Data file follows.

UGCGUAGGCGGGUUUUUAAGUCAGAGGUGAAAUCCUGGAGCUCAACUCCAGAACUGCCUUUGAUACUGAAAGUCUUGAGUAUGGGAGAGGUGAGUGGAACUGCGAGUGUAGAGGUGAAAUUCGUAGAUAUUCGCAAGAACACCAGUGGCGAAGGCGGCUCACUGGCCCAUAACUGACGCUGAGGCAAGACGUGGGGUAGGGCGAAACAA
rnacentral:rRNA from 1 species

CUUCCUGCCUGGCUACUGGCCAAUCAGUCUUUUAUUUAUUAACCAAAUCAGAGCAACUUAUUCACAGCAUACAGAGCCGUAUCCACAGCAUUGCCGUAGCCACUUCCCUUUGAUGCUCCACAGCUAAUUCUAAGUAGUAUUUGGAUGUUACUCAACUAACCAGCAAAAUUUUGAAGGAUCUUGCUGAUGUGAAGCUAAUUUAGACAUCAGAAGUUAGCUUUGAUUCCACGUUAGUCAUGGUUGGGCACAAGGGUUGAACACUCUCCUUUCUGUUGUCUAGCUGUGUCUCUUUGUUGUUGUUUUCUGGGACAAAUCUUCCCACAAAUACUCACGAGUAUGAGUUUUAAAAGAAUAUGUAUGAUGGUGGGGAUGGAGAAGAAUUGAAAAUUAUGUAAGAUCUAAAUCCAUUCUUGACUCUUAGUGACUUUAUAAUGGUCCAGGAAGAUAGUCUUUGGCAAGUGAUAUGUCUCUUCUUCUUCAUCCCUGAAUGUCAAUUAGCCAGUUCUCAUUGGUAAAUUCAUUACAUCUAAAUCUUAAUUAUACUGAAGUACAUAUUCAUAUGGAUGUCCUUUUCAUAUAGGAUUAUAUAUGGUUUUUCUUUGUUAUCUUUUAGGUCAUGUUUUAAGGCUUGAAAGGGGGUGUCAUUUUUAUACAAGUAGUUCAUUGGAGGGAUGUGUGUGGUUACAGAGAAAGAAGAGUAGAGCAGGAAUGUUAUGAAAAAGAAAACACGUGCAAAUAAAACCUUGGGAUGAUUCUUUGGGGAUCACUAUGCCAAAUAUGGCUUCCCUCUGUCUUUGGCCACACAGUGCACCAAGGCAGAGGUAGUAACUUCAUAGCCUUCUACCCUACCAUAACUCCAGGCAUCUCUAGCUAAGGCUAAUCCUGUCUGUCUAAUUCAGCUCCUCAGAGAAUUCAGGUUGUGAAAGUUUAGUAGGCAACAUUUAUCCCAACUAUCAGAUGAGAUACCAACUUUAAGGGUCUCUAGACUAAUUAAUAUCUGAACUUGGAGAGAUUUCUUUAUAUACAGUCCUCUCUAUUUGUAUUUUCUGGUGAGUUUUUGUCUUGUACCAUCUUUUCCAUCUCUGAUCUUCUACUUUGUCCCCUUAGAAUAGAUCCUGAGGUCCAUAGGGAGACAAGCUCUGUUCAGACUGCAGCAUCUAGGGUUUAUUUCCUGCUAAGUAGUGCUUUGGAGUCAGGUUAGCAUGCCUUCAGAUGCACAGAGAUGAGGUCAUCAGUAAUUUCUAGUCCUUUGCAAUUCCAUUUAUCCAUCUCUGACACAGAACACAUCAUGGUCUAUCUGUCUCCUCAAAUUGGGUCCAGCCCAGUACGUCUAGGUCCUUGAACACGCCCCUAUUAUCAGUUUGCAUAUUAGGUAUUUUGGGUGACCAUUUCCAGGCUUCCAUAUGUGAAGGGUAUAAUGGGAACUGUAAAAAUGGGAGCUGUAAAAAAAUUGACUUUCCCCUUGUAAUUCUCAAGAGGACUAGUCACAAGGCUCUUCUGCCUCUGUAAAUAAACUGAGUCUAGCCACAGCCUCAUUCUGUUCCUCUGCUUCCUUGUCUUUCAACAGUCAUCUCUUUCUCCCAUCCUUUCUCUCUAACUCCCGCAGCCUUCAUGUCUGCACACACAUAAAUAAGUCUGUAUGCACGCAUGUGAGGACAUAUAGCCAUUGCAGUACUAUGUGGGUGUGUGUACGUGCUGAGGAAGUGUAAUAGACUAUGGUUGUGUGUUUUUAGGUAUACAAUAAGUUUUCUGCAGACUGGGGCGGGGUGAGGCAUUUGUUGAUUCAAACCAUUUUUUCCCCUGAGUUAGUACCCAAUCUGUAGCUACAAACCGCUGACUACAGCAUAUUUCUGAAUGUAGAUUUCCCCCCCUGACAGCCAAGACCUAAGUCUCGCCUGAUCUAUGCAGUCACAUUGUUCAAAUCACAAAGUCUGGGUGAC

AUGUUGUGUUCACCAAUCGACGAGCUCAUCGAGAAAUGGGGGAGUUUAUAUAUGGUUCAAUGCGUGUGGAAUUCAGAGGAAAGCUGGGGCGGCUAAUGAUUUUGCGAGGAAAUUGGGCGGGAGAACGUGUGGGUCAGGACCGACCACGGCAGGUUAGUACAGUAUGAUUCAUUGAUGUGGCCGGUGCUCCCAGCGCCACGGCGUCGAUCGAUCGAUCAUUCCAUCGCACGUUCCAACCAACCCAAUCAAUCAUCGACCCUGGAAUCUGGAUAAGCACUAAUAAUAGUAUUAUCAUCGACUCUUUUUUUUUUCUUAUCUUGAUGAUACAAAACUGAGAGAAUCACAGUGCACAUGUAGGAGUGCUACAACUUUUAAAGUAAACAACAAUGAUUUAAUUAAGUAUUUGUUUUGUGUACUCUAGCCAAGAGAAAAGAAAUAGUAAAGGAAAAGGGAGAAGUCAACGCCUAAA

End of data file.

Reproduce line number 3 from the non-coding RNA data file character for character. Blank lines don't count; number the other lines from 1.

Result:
CUUCCUGCCUGGCUACUGGCCAAUCAGUCUUUUAUUUAUUAACCAAAUCAGAGCAACUUAUUCACAGCAUACAGAGCCGUAUCCACAGCAUUGCCGUAGCCACUUCCCUUUGAUGCUCCACAGCUAAUUCUAAGUAGUAUUUGGAUGUUACUCAACUAACCAGCAAAAUUUUGAAGGAUCUUGCUGAUGUGAAGCUAAUUUAGACAUCAGAAGUUAGCUUUGAUUCCACGUUAGUCAUGGUUGGGCACAAGGGUUGAACACUCUCCUUUCUGUUGUCUAGCUGUGUCUCUUUGUUGUUGUUUUCUGGGACAAAUCUUCCCACAAAUACUCACGAGUAUGAGUUUUAAAAGAAUAUGUAUGAUGGUGGGGAUGGAGAAGAAUUGAAAAUUAUGUAAGAUCUAAAUCCAUUCUUGACUCUUAGUGACUUUAUAAUGGUCCAGGAAGAUAGUCUUUGGCAAGUGAUAUGUCUCUUCUUCUUCAUCCCUGAAUGUCAAUUAGCCAGUUCUCAUUGGUAAAUUCAUUACAUCUAAAUCUUAAUUAUACUGAAGUACAUAUUCAUAUGGAUGUCCUUUUCAUAUAGGAUUAUAUAUGGUUUUUCUUUGUUAUCUUUUAGGUCAUGUUUUAAGGCUUGAAAGGGGGUGUCAUUUUUAUACAAGUAGUUCAUUGGAGGGAUGUGUGUGGUUACAGAGAAAGAAGAGUAGAGCAGGAAUGUUAUGAAAAAGAAAACACGUGCAAAUAAAACCUUGGGAUGAUUCUUUGGGGAUCACUAUGCCAAAUAUGGCUUCCCUCUGUCUUUGGCCACACAGUGCACCAAGGCAGAGGUAGUAACUUCAUAGCCUUCUACCCUACCAUAACUCCAGGCAUCUCUAGCUAAGGCUAAUCCUGUCUGUCUAAUUCAGCUCCUCAGAGAAUUCAGGUUGUGAAAGUUUAGUAGGCAACAUUUAUCCCAACUAUCAGAUGAGAUACCAACUUUAAGGGUCUCUAGACUAAUUAAUAUCUGAACUUGGAGAGAUUUCUUUAUAUACAGUCCUCUCUAUUUGUAUUUUCUGGUGAGUUUUUGUCUUGUACCAUCUUUUCCAUCUCUGAUCUUCUACUUUGUCCCCUUAGAAUAGAUCCUGAGGUCCAUAGGGAGACAAGCUCUGUUCAGACUGCAGCAUCUAGGGUUUAUUUCCUGCUAAGUAGUGCUUUGGAGUCAGGUUAGCAUGCCUUCAGAUGCACAGAGAUGAGGUCAUCAGUAAUUUCUAGUCCUUUGCAAUUCCAUUUAUCCAUCUCUGACACAGAACACAUCAUGGUCUAUCUGUCUCCUCAAAUUGGGUCCAGCCCAGUACGUCUAGGUCCUUGAACACGCCCCUAUUAUCAGUUUGCAUAUUAGGUAUUUUGGGUGACCAUUUCCAGGCUUCCAUAUGUGAAGGGUAUAAUGGGAACUGUAAAAAUGGGAGCUGUAAAAAAAUUGACUUUCCCCUUGUAAUUCUCAAGAGGACUAGUCACAAGGCUCUUCUGCCUCUGUAAAUAAACUGAGUCUAGCCACAGCCUCAUUCUGUUCCUCUGCUUCCUUGUCUUUCAACAGUCAUCUCUUUCUCCCAUCCUUUCUCUCUAACUCCCGCAGCCUUCAUGUCUGCACACACAUAAAUAAGUCUGUAUGCACGCAUGUGAGGACAUAUAGCCAUUGCAGUACUAUGUGGGUGUGUGUACGUGCUGAGGAAGUGUAAUAGACUAUGGUUGUGUGUUUUUAGGUAUACAAUAAGUUUUCUGCAGACUGGGGCGGGGUGAGGCAUUUGUUGAUUCAAACCAUUUUUUCCCCUGAGUUAGUACCCAAUCUGUAGCUACAAACCGCUGACUACAGCAUAUUUCUGAAUGUAGAUUUCCCCCCCUGACAGCCAAGACCUAAGUCUCGCCUGAUCUAUGCAGUCACAUUGUUCAAAUCACAAAGUCUGGGUGAC